On a day trip to Mumbai last week, I saw a hoarding for a Mystery Shampoo, asking people to send an SMS and guess the brand. I thought it was Vivel, by ITC. I then saw another hoarding down the road – a retort from Dove claiming there was no mystery and they were the No.1. I came to know that the original ad was from Pantene thanks to the subsequent print ads. Apparently it was more than just an outdooor & print campaign and included several activation programs. I got to know of the social media play, thanks to this great read by @beastoftraal: The Televisionization of Social Media.
Images sourced from: Brand Recall
To me, it appears that:
(a) the teaser campaign and activation was on for a tad too long a period – just enough time for a smart competitor to seize the opportunity
(b) the social media usage of the brand, especially the obvious plugs from celebrities seems a bit amateurish & forced
(c) when you are a global brand, your ‘successes’ in other parts of the world are studied closely (a search for ‘mystery shampoo’ on Google could take you to a 2008 promotion in the US for Pantene) and counter measures anticipated by your competitor.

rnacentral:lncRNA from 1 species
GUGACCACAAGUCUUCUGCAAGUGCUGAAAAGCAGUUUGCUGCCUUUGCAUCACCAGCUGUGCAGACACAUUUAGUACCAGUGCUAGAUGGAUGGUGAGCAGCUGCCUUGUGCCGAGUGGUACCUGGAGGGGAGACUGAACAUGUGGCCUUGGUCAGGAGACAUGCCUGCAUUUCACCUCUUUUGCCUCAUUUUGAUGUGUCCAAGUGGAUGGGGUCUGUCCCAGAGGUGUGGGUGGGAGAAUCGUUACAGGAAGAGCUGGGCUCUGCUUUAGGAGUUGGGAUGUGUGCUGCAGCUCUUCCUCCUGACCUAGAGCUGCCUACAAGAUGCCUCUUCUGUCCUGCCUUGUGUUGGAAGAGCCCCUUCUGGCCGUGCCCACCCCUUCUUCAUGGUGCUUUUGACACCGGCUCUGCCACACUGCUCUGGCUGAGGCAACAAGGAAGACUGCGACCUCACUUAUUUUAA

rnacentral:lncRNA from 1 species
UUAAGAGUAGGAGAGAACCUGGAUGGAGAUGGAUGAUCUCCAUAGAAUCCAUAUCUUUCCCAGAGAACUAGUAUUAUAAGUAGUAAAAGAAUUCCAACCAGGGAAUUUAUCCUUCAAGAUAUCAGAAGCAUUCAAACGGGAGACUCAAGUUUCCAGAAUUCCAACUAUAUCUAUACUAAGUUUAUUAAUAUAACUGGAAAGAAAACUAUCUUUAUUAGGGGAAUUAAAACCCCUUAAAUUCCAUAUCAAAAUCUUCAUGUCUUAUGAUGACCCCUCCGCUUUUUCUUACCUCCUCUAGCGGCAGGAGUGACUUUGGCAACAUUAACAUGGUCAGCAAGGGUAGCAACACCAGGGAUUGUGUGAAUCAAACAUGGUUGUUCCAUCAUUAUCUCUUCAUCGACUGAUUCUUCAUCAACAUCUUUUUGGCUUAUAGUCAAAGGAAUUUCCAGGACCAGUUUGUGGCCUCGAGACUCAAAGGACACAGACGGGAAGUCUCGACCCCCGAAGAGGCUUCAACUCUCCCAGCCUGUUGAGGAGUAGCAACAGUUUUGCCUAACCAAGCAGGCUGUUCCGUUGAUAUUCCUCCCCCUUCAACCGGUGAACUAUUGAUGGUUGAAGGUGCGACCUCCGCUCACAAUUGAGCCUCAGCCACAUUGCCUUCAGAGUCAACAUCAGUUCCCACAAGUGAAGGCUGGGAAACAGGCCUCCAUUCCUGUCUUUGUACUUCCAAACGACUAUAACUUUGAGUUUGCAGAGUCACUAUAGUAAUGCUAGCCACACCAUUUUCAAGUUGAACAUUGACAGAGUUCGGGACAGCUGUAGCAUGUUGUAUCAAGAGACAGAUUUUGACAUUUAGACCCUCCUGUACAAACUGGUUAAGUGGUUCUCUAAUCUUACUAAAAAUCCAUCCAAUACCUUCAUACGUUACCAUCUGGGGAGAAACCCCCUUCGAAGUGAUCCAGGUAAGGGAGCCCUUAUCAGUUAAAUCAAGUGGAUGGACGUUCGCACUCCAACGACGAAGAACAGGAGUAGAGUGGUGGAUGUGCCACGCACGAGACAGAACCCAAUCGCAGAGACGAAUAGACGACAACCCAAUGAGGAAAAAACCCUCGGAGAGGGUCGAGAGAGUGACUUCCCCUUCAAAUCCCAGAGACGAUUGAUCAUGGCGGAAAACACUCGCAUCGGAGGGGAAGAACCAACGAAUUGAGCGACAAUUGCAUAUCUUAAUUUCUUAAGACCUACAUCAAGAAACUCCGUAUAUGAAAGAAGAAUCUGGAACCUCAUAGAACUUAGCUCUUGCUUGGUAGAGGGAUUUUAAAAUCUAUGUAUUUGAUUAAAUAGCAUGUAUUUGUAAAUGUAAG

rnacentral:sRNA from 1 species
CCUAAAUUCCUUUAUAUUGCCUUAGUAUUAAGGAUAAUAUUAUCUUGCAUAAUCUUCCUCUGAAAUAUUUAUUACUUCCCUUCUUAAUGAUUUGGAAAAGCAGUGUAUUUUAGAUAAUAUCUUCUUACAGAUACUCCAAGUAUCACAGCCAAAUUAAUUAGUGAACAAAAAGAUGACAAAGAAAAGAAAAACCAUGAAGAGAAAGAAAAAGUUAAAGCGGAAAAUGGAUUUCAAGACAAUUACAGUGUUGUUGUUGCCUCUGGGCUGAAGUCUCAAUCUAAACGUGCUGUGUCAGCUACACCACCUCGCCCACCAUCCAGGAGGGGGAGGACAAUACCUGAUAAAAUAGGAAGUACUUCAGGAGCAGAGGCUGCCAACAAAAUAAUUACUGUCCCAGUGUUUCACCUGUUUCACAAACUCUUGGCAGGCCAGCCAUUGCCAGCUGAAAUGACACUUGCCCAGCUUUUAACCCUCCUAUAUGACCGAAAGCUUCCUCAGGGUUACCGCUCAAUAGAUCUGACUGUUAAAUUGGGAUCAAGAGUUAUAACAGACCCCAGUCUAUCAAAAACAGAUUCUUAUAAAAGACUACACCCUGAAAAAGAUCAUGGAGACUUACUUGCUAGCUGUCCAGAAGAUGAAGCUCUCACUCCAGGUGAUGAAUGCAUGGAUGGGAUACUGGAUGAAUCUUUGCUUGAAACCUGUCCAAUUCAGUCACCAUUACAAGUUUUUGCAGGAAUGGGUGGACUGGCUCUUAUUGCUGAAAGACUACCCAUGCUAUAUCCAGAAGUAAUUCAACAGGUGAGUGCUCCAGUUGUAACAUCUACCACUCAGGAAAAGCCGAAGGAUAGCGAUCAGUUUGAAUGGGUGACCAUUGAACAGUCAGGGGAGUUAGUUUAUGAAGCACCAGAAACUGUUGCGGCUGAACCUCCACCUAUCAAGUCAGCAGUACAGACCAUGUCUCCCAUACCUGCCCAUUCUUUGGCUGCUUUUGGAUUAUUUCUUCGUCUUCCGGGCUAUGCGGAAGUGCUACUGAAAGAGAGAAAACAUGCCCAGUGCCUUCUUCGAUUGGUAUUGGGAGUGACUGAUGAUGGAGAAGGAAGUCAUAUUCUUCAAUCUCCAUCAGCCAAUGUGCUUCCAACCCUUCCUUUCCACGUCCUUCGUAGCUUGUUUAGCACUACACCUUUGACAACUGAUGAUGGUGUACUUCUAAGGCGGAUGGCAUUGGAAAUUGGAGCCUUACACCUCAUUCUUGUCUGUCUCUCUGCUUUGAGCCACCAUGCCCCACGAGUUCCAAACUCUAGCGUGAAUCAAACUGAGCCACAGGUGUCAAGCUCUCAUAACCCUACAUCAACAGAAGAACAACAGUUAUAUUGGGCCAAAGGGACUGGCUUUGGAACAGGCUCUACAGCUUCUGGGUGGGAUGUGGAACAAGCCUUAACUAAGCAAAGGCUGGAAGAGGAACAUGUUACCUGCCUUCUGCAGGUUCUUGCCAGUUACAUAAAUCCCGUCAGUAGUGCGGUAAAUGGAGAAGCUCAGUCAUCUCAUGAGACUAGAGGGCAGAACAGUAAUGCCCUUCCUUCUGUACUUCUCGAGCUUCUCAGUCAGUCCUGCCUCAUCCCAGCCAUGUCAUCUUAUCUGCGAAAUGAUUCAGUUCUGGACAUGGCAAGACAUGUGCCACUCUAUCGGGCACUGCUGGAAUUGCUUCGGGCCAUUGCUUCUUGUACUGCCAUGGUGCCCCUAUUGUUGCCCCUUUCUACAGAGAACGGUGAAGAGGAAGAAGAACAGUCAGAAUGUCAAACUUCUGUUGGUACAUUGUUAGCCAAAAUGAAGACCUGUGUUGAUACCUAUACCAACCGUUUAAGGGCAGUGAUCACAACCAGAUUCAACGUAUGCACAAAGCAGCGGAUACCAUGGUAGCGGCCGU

When I checked on Twitter, some thought that what Dove did was ‘cheap’ especially after ‘Real Women‘ and all that. But most said that Dove benefited the most. Check out ‘Why I would love to work with HUL‘ and ‘HUL’s last minute surprise foxes P&G‘.
On the social media part, I am reminded of the need for brands to have ‘newsworthiness’ of to use social media well. Yes, being chosen by over 80% of women as the best shampoo has some newsworthiness but is it powerful enough to carry on a conversation? It merely becomes an announcement on micro blogs – add celeb tweets to it and it becomes a one-way message. While shampoo is a high involvement category (I disagree with @beastoftraal on it being low involvement) will it evoke such an interest in online media so as to have sustained brand conversations? I doubt it. The brand’s Twitter timeline has evolved to provide tips, which is atleast better than forking out brand messages.
FMCG marketing, especially in categories where it is difficult to generate ‘new news’ is a tough ball game and P&G are masters of it. Their integrated efforts for brands – especially the ones in the digital space – Being Girl, Old Spice, P&G Mums (for the Winter Olympics) have been fantastic. With this one, I guess they blinked in the teaser stage and let Dove hog the mind space thereafter.